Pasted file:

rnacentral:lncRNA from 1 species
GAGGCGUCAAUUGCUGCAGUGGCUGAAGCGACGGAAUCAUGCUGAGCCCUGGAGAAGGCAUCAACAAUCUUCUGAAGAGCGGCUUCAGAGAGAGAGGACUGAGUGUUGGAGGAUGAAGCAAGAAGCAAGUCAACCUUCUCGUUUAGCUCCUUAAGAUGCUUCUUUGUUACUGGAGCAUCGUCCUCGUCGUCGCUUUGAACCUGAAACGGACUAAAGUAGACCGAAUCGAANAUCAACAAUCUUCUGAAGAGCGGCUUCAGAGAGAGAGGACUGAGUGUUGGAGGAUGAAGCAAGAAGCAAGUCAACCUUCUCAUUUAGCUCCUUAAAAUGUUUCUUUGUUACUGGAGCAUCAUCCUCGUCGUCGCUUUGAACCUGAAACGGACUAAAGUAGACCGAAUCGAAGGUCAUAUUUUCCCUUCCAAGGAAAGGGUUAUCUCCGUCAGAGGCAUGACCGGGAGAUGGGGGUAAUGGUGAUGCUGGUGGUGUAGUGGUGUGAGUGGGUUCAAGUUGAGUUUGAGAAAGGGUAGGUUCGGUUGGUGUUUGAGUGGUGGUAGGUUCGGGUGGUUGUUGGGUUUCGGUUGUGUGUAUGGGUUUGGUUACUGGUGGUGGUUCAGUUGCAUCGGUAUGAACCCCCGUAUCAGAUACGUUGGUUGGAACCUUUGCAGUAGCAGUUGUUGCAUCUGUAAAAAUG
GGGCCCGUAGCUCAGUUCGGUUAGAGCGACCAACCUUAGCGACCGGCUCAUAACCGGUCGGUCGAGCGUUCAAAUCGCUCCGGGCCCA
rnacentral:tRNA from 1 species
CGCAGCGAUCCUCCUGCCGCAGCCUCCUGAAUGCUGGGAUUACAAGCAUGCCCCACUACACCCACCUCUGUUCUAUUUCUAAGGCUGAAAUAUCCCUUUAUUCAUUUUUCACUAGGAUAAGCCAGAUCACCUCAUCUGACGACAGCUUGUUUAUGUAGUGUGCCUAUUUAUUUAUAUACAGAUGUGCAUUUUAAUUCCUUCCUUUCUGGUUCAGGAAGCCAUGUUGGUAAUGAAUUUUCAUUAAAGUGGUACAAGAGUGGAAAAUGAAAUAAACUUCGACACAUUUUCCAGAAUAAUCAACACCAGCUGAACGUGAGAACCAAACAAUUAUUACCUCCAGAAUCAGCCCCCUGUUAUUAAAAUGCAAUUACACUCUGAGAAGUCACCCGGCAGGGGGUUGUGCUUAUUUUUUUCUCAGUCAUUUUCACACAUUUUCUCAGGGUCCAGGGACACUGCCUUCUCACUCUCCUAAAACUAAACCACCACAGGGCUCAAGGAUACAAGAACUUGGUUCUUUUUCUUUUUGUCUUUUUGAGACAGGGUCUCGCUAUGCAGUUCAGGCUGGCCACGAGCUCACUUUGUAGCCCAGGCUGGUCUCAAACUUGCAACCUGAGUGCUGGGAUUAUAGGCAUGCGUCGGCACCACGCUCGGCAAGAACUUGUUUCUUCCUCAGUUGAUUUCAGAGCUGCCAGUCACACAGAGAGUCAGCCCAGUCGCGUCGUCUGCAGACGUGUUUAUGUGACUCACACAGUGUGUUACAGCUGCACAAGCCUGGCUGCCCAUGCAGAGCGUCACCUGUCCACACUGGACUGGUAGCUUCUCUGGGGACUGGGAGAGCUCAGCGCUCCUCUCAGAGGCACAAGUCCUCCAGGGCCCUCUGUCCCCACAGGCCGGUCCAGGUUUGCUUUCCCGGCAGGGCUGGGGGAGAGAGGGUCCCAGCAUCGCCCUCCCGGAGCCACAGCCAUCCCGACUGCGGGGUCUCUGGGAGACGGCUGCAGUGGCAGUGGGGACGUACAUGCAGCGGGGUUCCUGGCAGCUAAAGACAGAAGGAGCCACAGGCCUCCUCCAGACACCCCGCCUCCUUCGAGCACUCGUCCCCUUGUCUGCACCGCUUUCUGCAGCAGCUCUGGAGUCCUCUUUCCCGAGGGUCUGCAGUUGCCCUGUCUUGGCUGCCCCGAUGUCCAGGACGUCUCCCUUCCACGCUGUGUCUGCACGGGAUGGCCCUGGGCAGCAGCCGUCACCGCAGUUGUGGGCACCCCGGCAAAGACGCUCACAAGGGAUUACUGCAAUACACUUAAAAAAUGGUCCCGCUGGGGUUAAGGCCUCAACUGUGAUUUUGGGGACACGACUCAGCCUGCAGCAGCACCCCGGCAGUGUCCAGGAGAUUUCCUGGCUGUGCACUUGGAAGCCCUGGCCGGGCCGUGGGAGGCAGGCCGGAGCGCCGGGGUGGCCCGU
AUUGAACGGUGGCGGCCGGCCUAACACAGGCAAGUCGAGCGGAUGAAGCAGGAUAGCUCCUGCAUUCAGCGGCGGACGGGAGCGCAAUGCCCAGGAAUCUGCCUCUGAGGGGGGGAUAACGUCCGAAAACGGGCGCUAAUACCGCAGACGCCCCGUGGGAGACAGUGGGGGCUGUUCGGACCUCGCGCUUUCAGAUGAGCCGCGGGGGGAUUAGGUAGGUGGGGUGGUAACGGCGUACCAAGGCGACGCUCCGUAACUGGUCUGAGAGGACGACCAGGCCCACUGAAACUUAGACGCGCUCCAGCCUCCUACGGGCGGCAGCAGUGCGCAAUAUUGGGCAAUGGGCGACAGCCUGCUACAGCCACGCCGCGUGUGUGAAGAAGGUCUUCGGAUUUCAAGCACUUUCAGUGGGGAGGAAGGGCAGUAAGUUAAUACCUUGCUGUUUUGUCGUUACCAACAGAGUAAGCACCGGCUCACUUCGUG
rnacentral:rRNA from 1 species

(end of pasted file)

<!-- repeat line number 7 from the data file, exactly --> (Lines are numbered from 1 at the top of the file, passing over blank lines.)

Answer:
rnacentral:rRNA from 1 species